I'm sorry to hear of this with Nattie. The proper manner in which to proceed is as follows:
1) Both of her ears need to be scoped to better understand if an otitis interna/media or externa exists (inner, middle, or outer ear infection exists) and if an inflammatory polyp or other neoplasm is present in that particularly problematic right ear.
2) A cytology of any exudate in the ear(s) should be performed. This is a microscopic exam of that exudate looking for abnormal numbers of bacteria, yeast, or mites.
3) Treatment is then predicated upon findings in 1) and 2) above.
4) If the ears are unremarkable, her "bumps" may indicate that her only problem is miliary dermatitis - a form of allergic dermatitis in cats usually seen with flea saliva allergy, atopy (allergies to environmental allergens such as pollens, molds, dust, and dust mites, etc.), or food intolerance. Nattie's vet will need to differentiate one allergy from the other. In most cases a conservative approach will be taken at Nattie's age and that's likely to be a very low dose of a steroid such as prednisone which nevertheless is a potent antihistaminic (and so antiallergenic) drug.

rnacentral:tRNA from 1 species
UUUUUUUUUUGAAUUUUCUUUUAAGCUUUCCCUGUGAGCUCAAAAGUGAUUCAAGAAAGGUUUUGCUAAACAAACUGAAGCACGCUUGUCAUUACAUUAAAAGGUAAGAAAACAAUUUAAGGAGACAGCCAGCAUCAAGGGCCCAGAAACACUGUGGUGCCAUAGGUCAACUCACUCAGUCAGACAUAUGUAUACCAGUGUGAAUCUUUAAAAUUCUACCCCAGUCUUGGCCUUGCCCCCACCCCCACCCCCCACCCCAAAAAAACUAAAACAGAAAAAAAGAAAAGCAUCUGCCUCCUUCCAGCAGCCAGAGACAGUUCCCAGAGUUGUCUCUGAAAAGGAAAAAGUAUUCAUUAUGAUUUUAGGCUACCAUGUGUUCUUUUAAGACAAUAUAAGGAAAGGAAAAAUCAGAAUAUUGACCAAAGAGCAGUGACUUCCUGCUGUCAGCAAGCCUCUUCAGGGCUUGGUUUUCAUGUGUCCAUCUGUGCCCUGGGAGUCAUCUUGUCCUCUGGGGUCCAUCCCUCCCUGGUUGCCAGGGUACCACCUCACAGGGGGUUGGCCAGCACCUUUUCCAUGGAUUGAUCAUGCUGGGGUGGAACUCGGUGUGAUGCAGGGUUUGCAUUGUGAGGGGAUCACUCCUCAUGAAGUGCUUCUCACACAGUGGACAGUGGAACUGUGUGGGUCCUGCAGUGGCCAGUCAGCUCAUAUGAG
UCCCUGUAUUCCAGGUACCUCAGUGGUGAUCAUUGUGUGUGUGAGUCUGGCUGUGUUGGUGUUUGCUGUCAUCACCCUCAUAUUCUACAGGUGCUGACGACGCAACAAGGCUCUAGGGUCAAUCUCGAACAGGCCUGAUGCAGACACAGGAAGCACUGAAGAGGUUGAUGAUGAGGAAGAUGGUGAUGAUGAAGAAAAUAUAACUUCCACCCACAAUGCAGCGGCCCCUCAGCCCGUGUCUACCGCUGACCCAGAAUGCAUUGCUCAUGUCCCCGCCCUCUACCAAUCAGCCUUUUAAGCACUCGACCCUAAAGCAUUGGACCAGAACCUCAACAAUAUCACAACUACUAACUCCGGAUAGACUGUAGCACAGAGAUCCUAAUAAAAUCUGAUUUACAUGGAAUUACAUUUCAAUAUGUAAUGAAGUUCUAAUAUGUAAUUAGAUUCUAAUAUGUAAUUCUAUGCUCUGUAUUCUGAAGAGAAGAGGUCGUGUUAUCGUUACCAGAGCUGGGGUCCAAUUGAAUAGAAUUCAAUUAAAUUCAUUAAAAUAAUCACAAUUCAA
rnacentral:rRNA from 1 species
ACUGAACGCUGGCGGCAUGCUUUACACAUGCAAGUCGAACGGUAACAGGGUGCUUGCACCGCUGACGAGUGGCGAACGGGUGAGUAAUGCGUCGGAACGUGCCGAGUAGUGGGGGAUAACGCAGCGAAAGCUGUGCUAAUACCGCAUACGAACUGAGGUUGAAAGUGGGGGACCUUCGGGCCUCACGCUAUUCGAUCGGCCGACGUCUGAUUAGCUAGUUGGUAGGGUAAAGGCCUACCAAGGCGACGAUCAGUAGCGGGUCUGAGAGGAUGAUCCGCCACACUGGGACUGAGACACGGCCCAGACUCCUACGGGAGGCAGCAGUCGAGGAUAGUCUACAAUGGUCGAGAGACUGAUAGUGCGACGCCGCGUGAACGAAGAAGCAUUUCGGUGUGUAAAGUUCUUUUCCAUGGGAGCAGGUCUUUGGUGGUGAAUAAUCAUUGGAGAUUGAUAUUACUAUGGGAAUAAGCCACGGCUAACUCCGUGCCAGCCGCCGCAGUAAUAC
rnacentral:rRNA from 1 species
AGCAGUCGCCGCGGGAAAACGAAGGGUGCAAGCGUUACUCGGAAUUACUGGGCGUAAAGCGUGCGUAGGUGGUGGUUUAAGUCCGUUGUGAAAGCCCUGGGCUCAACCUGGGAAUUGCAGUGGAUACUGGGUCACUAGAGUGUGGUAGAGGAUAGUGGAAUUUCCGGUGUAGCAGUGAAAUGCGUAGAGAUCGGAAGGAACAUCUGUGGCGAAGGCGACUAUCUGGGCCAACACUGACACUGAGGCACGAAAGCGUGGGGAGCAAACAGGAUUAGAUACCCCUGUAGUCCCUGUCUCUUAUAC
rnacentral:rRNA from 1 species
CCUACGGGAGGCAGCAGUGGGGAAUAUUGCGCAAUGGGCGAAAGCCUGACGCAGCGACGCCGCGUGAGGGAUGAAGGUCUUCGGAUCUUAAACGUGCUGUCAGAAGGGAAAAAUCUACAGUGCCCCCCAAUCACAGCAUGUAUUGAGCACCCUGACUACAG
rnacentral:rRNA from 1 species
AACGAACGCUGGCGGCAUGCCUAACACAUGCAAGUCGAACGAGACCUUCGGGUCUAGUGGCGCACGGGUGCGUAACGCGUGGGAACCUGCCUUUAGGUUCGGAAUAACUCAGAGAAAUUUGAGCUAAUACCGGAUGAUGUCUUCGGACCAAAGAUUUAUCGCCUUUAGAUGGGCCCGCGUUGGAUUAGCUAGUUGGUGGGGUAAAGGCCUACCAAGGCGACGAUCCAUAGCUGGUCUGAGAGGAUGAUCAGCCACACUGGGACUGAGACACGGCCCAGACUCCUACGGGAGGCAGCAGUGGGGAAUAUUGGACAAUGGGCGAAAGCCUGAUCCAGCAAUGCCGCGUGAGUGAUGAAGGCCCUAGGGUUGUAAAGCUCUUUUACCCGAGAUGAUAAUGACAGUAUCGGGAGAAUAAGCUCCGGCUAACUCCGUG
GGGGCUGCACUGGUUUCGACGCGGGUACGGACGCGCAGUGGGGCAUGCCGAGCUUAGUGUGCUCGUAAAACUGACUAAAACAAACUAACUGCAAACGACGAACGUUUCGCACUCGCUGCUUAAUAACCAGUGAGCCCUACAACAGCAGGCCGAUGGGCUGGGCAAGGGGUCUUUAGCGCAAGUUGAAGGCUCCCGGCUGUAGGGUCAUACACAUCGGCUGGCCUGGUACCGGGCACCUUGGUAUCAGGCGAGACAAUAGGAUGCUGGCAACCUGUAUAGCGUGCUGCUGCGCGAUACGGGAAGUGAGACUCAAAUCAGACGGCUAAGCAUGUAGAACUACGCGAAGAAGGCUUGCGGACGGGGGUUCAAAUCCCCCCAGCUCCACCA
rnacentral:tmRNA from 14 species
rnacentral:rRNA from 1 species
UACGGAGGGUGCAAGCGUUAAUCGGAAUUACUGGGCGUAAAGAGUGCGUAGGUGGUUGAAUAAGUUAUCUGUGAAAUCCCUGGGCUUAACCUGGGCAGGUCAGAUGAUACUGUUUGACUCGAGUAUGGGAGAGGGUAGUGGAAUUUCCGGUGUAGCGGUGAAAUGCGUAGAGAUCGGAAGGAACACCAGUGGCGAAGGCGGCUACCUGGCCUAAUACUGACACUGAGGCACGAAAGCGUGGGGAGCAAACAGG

Please respond with further questions or concerns if you wish.